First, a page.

If the name Deutz is less familiar than some of Champagne’s other Grand Marque houses, it has nothing to do with the quality of the wines.
In the UK Deutz has a substantial presence, but historically the domestic market has been in love with the refined and supremely elegant style of the house, and enthusiastic French Champagne drinkers have accounted for a great deal of its production. I suspect Deutz is making even more of an effort to introduce its wines to British Champagne lovers since the company was purchased by the Rouzaud family, who own a number of estates including Champagne Louis Roederer, in 1993.
Deutz is one of Champagne’s oldest Grands Marques, founded in the village of Aÿ in 1838 by German immigrant, William Deutz. The belle epoque family home is now the Deutz HQ and from one of its ornate reception rooms, a secret doorway opens onto a tunneled staircase leading down to three kilometres of chalk cellars. Directly above the cellars lie some of Deutz’s prime estate vineyards and a more modern winery. That makes Deutz quite unsual in having HQ, winery, cellars and vineyards directly connected to each other. I visited Deutz late in 2017, already a fan of their Brut Classic and Rosé, but keen to discover more of their wines and their story.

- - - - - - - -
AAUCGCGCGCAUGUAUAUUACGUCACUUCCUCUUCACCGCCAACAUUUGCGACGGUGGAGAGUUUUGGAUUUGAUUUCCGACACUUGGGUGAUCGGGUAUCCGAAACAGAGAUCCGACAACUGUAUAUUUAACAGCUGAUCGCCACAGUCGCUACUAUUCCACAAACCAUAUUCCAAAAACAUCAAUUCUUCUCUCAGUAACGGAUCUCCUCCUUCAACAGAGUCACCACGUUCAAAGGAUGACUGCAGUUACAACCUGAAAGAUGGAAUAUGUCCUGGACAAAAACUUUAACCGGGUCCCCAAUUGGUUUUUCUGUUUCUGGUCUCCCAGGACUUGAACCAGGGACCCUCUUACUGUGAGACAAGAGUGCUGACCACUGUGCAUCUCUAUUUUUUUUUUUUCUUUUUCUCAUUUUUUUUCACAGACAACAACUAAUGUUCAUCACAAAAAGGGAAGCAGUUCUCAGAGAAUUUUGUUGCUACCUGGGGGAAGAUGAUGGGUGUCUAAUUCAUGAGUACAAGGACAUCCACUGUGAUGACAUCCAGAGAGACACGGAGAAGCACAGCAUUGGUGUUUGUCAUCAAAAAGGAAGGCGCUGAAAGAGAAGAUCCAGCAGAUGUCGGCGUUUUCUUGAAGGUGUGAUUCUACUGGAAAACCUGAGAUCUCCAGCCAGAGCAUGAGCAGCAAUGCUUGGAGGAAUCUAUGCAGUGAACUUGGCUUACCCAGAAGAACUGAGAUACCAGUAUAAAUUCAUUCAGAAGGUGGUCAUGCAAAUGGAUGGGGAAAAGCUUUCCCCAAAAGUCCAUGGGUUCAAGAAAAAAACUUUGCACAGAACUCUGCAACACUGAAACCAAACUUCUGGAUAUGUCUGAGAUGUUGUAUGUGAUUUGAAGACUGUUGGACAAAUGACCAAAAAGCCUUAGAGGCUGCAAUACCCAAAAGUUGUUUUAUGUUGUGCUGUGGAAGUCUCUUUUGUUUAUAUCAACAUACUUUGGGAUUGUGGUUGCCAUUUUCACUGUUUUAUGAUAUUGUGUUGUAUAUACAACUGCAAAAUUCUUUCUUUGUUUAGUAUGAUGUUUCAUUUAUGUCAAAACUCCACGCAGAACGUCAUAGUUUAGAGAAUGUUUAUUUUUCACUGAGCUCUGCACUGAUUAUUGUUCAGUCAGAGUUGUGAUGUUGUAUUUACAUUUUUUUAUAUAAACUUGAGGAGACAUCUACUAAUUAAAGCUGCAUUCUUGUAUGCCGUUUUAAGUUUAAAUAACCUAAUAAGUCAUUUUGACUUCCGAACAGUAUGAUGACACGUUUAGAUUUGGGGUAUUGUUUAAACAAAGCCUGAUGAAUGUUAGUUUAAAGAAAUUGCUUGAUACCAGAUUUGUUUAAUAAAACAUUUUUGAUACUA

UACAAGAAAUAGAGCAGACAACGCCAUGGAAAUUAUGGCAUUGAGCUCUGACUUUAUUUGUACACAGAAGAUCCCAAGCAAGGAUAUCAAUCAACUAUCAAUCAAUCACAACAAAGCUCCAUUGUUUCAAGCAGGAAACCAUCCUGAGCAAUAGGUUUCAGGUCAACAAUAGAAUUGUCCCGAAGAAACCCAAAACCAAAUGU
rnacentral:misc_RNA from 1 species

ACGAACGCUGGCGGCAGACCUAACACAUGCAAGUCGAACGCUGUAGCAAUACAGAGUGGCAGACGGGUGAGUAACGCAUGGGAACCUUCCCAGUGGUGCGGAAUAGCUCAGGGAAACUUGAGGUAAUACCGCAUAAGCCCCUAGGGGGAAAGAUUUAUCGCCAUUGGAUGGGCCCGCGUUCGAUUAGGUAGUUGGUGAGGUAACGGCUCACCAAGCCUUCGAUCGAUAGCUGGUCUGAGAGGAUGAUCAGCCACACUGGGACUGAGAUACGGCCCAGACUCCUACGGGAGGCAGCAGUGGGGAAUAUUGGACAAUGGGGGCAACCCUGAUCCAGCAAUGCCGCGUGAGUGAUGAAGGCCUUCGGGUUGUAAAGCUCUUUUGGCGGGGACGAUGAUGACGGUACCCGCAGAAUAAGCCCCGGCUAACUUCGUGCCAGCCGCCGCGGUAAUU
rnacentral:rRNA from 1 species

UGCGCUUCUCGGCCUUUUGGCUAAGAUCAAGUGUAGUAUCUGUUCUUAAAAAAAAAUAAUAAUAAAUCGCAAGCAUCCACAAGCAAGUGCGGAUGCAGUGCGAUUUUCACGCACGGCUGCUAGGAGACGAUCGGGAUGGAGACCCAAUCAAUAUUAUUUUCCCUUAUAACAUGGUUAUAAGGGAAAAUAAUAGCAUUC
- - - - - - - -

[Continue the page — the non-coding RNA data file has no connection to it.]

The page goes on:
I was greeted by Jean-Marc Lallier-Deutz, direct descendent of William, who grew up running around the family home and who is now an ambassador for the company. He’s photographed left in front of the vineyard known as ‘La Côte Glacière’. “The family house has been preserved in the same style, and is a perfect instrument to prove our long history,” he says, surveying the portraits of six generations of Deutz hung around the walls. Jean-Marc explains that in terms of winemaking Deutz is run entirely separately from Roederer, but since 1993 production has increased from one million, to 2.5 million bottles per year, about 45% of which is now exported.
Jean-Marc is a walking encyclopedia of Deutz history, and tells me that Deutz was “an original member of the Syndicat des Grandes Marques in 1882. Their challenge was to put in place technical rules to improve and protect Champagne against global sparkling wines. Those 45 rules were basically the invention of France’s wine appellation system.” He stops before a portrait from around 1890 of English politician and businessman, Lord Parkington, who became a great advocate for Deutz in the UK. “Deutz became one of the top five Champagne Marques in Great Britain,” he says, “but their German origins meant they fell out of favour after the Great War and following depression.”
Today, Deutz is a substantial vineyard owner with 42 hectares of its own vineyards, but in common with almost all Grand Marque houses, it has historically bought the majority of its fruit from growers, which gave much more flexibility. “We are négociants with great relationships with our growers,” says Jean-Marc, “and our Deutz staff take great care of our growers, both professionally, technically and personally. All of our growers come from within 30 minutes of the winery.”